Technology has no doubt transformed life in the oil patch for energy companies.
Operators and oilfield service companies are utilizing new drilling and completion techniques while incorporating digital technologies such as artificial intelligence (AI), predictive analytics and virtual reality into their operations. So it’ll be interesting to see what the industry will do next, especially when players team up with start-up companies with fresh insight into addressing the industry’s challenges.
Eyes will likely be on a group of 10 start-up companies recently tapped by Equinor to participate in the company’s Techstars Energy Accelerator program.
The group includes a U.S.-based company called Ampaire that builds electric aircraft and a company out of Canada called Crux OCM that uses AI and real-time optimization to operate pipelines semi-autonomously, according to a news release. Then, there’s another company—also from Canada—named Interface Fluidics that conducts rapid lab testing to evaluate chemical performance using its proprietary nanofluidic platform.
Also among the group is U.S.-based Opus 12, which converts CO2 into fuel and other products, and Sensytec, a U.S. developer of a smart cement technology that monitors cement conditions in near real-time.
The program, according to Equinor, aims to help the entrepreneurs succeed and grow their companies by connecting them with experts, investors, community leaders, corporations, peers and others.
Rounding out the group of participating startups are DeepStream (U.K.), RatedPower (Spain), SafeEx (Denmark), Versor (Norway) and Voyager (U.S.).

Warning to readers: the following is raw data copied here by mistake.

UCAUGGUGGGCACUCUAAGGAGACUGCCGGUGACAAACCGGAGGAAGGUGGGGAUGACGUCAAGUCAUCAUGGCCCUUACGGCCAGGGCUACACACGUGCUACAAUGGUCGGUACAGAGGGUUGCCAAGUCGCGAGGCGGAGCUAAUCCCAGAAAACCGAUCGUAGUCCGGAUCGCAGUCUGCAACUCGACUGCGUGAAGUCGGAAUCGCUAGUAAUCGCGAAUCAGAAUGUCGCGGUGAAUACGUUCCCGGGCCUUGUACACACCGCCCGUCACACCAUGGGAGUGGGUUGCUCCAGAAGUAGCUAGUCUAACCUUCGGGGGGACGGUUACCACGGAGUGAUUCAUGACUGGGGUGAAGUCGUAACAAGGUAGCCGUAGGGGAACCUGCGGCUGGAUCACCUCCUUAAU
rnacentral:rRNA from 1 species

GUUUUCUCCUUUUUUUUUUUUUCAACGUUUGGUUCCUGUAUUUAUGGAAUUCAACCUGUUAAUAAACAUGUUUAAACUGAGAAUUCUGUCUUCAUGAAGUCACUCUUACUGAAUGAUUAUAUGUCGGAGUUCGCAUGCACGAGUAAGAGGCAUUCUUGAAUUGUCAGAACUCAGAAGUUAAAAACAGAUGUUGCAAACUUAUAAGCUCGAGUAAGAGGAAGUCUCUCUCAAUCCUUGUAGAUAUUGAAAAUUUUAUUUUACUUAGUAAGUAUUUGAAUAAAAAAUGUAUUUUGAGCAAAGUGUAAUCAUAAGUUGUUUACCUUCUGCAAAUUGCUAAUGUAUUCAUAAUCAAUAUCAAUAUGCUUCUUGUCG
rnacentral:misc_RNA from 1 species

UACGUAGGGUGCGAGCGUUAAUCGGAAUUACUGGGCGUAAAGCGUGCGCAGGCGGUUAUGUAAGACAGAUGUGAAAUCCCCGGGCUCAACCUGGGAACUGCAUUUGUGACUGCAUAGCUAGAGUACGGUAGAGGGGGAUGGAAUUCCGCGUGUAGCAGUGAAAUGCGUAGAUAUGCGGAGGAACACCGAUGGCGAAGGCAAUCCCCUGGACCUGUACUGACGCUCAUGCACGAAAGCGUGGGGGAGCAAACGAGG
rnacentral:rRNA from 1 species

“We in Equinor are proud of our technology leadership in the energy sector. But we also recognize that the pace of innovation is speeding up,” Al Cook, Equinor’s executive vice president for global strategy and business development, said in the news release announcing the selected companies. “Energy sources and markets are transforming—becoming smarter, cheaper and cleaner. That is why we look forward to learning from the best, brightest and boldest to test new ideas and find new solutions to the world’s energy needs.”
The startups chosen to participate in the 13-week program were selected from hundreds of applicants from 38 countries based on their potential to “disrupt our industry and shape energy platforms for the future.” Each participant has access to Equinor, McKinsey & Co. and KONGSBERG resources along with up to $120,000.
At the end of the program, scheduled for December, each startup will give presentations on their solutions to Equinor, partners and potential investors.
“This unique partnership between a leading energy company like Equinor and Techstars, together with partners KONGSBERG and McKinsey & Company, provides a great opportunity for companies that aspire to shape the future of energy,” Audun Abelsnes, managing director for Techstars Energy, said in the release. “These ten startups now get the opportunity to gain traction through deep mentor engagement, rapid iteration cycles and fundraising preparation. We are excited to get started and help more entrepreneurs succeed.”
The work of this diverse group of participating startups could certainly add exciting narrative to the energy industry’s unfolding tech story.
Velda Addison can be reached at firstname.lastname@example.org.
German finance minister made the offer in early August, before the sanctions were imposed.
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